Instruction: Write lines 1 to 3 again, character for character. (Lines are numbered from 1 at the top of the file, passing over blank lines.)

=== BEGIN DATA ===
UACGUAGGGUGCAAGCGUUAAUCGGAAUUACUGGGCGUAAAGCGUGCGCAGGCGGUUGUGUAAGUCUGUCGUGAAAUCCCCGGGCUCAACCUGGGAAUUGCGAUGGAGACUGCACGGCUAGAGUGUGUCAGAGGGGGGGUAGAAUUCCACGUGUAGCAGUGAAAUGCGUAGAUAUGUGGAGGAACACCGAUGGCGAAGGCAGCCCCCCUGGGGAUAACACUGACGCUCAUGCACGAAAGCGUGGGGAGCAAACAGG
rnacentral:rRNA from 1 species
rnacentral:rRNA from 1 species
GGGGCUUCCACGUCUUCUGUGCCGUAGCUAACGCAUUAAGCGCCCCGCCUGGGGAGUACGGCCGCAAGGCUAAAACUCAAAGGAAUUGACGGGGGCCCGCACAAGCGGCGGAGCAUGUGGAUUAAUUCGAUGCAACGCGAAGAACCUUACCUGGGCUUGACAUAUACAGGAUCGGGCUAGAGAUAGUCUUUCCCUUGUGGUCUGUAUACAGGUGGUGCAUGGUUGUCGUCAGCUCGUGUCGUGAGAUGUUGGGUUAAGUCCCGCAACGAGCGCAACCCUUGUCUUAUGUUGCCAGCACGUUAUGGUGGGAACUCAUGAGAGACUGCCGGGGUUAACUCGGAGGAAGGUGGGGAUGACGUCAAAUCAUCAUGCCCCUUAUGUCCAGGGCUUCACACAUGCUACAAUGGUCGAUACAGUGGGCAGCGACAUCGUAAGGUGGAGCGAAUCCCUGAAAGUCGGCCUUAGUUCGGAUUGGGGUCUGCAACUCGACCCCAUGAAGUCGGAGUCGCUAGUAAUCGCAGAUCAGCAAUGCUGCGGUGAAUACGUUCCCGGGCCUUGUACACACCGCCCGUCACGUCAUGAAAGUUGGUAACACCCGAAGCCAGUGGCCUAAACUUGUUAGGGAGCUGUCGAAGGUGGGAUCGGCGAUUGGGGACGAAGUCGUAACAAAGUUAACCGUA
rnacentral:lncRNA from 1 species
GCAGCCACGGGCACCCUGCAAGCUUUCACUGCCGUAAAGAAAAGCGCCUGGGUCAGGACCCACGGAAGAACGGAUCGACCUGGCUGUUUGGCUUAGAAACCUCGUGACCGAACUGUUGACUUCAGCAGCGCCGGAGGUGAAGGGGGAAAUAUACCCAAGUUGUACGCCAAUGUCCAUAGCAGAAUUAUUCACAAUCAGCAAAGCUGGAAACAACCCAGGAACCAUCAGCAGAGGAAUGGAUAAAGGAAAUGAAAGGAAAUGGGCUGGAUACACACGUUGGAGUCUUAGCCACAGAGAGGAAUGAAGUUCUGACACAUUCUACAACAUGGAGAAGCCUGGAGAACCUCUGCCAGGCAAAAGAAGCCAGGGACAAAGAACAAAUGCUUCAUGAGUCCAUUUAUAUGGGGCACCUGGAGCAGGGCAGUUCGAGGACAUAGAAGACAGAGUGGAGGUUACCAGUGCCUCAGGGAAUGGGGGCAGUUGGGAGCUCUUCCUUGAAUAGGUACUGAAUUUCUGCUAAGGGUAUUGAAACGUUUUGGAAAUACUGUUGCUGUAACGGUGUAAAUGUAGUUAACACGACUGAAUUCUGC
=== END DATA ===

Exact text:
UACGUAGGGUGCAAGCGUUAAUCGGAAUUACUGGGCGUAAAGCGUGCGCAGGCGGUUGUGUAAGUCUGUCGUGAAAUCCCCGGGCUCAACCUGGGAAUUGCGAUGGAGACUGCACGGCUAGAGUGUGUCAGAGGGGGGGUAGAAUUCCACGUGUAGCAGUGAAAUGCGUAGAUAUGUGGAGGAACACCGAUGGCGAAGGCAGCCCCCCUGGGGAUAACACUGACGCUCAUGCACGAAAGCGUGGGGAGCAAACAGG
rnacentral:rRNA from 1 species
rnacentral:rRNA from 1 species